While aiming to facilitate the growth and promotion of a healthy, transparent, efficient and competitive real estate sector, the Real Estate (Regulation & Development) Act 2016, also known as Real Estate Act or RERA, goes beyond tried-and-tested measures to protect the interest of homeowners.
By introducing title insurance into play, the Act ensures that home buyers do not suffer from any financial loss in future due to a defective title of the land. This may be a new idea to India, but several countries, including the U.S., already have this concept in place.
Even though the Government of India in August 2008 launched the Digital India Land Records Modernization Programme (DILRMP) to facilitate management of land records, the risk of faulty property disputes still remains high. Having a title insurance safeguards the property owner against any loss or damage due to liens, mortgages or any such encumbrances in the title to the property.
What is title insurance?
As an insurance product, this protects the current owner from past claims and title faults arising out of legal proceedings. Title insurance provides an additional layer of protection and gives an indefeasible right to the property owner whereby an insurance agency undertakes the burden of any financial risks that may crop up out of defects in title deeds, court orders and encumbrances in future.
What does RERA say about title insurance?
RERA mandates that while registering a real estate project with the authority, every promoter shall enclose the documents detailing he/she has a legal title to the land on which the development is proposed along with legally valid documents with authentication of such title, if such land is owned by another person, and that the land is free from all encumbrances.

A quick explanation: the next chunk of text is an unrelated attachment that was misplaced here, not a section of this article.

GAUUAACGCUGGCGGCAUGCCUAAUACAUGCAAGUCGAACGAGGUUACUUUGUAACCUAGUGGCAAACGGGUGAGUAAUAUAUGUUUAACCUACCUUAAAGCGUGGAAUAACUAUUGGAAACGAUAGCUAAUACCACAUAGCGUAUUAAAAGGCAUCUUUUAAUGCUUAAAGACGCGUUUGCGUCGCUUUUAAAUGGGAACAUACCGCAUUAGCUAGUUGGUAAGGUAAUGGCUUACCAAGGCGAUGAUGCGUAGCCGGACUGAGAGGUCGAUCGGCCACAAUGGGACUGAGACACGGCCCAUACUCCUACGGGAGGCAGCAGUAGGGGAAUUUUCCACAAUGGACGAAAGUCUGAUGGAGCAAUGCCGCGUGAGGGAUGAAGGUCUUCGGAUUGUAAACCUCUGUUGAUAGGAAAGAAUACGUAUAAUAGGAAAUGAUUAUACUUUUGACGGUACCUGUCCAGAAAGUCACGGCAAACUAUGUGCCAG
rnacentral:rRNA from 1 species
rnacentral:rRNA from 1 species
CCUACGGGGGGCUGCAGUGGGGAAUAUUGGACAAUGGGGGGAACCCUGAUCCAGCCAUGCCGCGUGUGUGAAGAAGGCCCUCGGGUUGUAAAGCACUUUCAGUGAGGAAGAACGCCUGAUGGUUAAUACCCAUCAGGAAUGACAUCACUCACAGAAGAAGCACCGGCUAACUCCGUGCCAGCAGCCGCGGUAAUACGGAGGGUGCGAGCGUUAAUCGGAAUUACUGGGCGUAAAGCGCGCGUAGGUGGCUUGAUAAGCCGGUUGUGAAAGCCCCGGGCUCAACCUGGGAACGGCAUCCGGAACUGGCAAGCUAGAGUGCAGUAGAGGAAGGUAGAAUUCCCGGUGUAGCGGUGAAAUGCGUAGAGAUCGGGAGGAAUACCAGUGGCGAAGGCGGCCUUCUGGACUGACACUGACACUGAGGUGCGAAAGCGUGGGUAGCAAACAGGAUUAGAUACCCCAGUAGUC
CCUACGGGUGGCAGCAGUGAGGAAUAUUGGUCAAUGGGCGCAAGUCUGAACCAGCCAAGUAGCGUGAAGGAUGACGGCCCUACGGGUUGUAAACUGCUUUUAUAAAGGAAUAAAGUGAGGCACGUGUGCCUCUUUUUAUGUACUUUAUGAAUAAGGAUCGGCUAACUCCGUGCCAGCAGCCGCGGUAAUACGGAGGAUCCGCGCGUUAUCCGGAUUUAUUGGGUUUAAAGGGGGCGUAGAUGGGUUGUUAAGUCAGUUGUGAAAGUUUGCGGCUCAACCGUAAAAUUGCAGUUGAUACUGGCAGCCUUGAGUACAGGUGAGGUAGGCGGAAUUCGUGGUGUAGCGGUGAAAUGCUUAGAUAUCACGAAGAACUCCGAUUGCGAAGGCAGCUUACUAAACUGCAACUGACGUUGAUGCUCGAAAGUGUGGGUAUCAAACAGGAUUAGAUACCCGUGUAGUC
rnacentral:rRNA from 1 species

The Act also mentions that the promoter shall obtain all such insurances as may be notified by the appropriate Government, including but not limited to insurance in respect of — (a) title of the land and building as a part of the real estate project; and (b) construction of the real estate project.
Needless to say, the Act states so to ensure that the promoter shall compensate the allottees in the case of any loss due to the defective title of the land on which the project is being developed or has been developed. It also ensures that the proposed project will not face delays due to title disputes and hence will be delivered on time.
Favourable for real estate:
When buyers will be assured that the property they are buying/investing is absolutely safe, there will be renewed confidence among prospective homeowners and that will definitely impact the real estate market favourably.
With clear property titles, real estate transactions will be more transparent and speedier. This will be of immense benefit for developers as banks will be encouraged to approve loans for projects wherein property title is clean.
A transparent real estate where land is protected through insured property titles may attract more FDI (Foreign Direct Investment) in the sector. Risk-averse foreign investors generally avoid investment options wherein the assurance of protected land and property titles does not exist.
In June 2016, Insurance Regulatory and Development Authority of India (IRDAI) constituted a seven-member working group to study the scope of title insurance in the Indian market. The group was entrusted with the task of evaluating the need for such a product in India vis-à-vis the existing title insurance products and practices globally. It would also suggest the design of the product and its framework and long-term sustainability.
Certainly, as and when IRDAI gives its nod to title insurance, it will be a win-win situation for all the stakeholders.